relationships among persons constituting one economic unit and sharing cooking facilities have nothing to do with their abilities to stimulate the agricultural economy by purchasing farm surpluses, or with their personal nutritional requirements’” (citation omitted)). And to the extent that the potential for fraud was a conceivable justification for the law, neither class had a higher potential than the other. 413 U.S. at 535–38. 4. The State is entitled to precisely formulate its interest.

Rational basis review requires a court to evaluate the legitimacy of the interest as asserted by the State, not the interest as reformulated by Plaintiffs or the court. Johnson v. Robison, 415 U.S. 361 (1974), is illustrative. In that case, the Court reviewed a federal program providing educational benefits to those who served during the Vietnam War. Id. at 376. A conscientious objector who had performed alternate public service to active military duty sought inclusion in the program, arguing that including him would further the program’s purpose, which he defined 20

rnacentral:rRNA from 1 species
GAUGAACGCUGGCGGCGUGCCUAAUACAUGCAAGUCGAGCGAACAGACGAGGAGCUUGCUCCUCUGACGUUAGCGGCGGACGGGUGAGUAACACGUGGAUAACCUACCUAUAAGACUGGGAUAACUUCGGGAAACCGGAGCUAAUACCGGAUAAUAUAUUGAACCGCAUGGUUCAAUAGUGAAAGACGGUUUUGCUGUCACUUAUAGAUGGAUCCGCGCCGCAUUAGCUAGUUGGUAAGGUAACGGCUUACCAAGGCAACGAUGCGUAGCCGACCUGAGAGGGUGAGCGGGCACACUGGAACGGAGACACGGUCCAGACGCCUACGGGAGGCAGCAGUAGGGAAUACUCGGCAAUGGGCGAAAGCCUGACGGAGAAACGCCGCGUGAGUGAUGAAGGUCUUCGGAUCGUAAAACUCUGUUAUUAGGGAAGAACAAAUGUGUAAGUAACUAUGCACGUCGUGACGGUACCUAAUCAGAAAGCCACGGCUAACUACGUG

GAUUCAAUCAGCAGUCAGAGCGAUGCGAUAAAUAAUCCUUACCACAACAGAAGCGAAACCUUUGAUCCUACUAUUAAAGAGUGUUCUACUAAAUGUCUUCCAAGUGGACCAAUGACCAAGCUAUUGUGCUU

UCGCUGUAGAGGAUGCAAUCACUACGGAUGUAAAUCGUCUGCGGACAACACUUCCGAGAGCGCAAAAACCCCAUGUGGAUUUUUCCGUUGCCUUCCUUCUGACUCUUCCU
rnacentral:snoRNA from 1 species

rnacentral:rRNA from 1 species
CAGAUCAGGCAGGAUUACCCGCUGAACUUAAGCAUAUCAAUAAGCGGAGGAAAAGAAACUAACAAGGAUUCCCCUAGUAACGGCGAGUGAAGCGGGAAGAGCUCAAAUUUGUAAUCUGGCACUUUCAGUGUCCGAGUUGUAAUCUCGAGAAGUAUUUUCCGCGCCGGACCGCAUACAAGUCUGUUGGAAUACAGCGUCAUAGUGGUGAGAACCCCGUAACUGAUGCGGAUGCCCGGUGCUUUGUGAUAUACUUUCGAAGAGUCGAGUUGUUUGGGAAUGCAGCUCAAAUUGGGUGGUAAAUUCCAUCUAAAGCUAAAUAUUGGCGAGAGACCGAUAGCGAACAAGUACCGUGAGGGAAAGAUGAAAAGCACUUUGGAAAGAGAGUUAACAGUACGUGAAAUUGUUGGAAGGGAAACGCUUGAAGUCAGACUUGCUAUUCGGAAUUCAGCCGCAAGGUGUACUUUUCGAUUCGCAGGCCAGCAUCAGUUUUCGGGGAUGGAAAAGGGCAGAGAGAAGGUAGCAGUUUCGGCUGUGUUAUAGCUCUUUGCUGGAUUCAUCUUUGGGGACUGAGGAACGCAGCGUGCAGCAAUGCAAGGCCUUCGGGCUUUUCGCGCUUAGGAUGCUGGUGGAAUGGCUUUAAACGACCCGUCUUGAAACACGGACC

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as “eliminat[ing] the educational gaps between persons who served their country and those who did not.” Id. at 362–63, 376–77. But as the court explained, “the error in this rationale is that it states too broadly the congressional objective.” Id. at 377. The government had in fact

advanced a more limited reason for the program: “to compensate for the disruption that military service causes to civilian lives.” Id. (emphasis added). In short, neither the plaintiffs nor a court may substitute a straw-man for the State’s actually asserted interest. A court’s failure to examine the precise interests a State asserts is a critical and often outcome-determinative error. Defining a State’s interest in a law differently affects—and